Morderstwo (A Murderer) accidentally became Roman Polański’s debut as a director simply because his beloved autobiographical short feature Rower (Bicycle) hadn’t been returned to him in its entirety from the Łódź film laboratory.
Perhaps in response to this initial disappointment, he took a more detached approach in his second attempt at filmmaking. Described by Polański as a “technical exercise,” his first completed film at the State Film School still contains some essential characteristics of the great director’s style. Made in just three shots, the movie portrays the clinical murder of a sleeping man.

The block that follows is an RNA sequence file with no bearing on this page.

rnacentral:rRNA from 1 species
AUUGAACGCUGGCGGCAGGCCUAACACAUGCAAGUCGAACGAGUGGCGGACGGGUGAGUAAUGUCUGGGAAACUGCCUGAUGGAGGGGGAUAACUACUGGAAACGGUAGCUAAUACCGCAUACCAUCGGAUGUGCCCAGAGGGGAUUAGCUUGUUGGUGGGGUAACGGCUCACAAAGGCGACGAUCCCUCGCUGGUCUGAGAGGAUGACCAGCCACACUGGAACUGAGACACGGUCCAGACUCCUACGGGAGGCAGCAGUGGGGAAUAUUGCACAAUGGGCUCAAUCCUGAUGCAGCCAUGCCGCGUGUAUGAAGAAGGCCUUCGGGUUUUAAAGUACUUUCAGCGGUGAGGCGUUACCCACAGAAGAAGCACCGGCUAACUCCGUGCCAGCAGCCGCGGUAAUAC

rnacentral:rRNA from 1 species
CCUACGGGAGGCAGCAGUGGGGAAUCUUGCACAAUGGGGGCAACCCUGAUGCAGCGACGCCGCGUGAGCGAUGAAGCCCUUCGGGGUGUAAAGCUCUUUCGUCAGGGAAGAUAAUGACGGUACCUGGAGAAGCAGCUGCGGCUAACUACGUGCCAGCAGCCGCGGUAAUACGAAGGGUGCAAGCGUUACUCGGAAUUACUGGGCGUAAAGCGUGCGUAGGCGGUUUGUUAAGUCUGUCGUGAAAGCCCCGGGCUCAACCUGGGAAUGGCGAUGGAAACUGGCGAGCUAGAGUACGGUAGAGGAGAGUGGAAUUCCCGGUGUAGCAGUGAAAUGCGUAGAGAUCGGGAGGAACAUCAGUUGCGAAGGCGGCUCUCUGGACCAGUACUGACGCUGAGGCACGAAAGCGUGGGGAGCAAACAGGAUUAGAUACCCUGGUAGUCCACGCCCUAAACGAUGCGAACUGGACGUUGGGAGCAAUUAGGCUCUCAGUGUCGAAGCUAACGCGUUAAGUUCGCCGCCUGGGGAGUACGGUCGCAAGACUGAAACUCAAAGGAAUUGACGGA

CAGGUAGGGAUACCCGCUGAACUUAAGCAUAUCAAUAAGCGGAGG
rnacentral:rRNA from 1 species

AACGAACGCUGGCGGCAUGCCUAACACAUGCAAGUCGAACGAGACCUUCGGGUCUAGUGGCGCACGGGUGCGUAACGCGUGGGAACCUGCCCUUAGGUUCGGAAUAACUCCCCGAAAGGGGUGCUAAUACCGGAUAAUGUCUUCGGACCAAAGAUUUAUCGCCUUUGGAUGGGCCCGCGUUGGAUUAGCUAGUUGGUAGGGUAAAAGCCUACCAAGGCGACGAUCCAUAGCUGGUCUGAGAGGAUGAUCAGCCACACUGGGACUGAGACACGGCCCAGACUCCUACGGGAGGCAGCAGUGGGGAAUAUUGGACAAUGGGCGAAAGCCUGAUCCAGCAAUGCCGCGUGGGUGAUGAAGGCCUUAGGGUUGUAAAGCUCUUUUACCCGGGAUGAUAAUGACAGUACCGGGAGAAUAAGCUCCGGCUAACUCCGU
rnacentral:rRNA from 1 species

This very short feature confirms that the Polish-born cinéaste has always preferred to put the public in front of the terror instead of letting them fantasise about what is happening off screen. Moreover, Polański refuses to provide any explanation for the murder, committed by a mysterious figure dressed in a trench coat. When violence is portrayed as meaningless, even a minute and half is more than enough to make viewers shiver.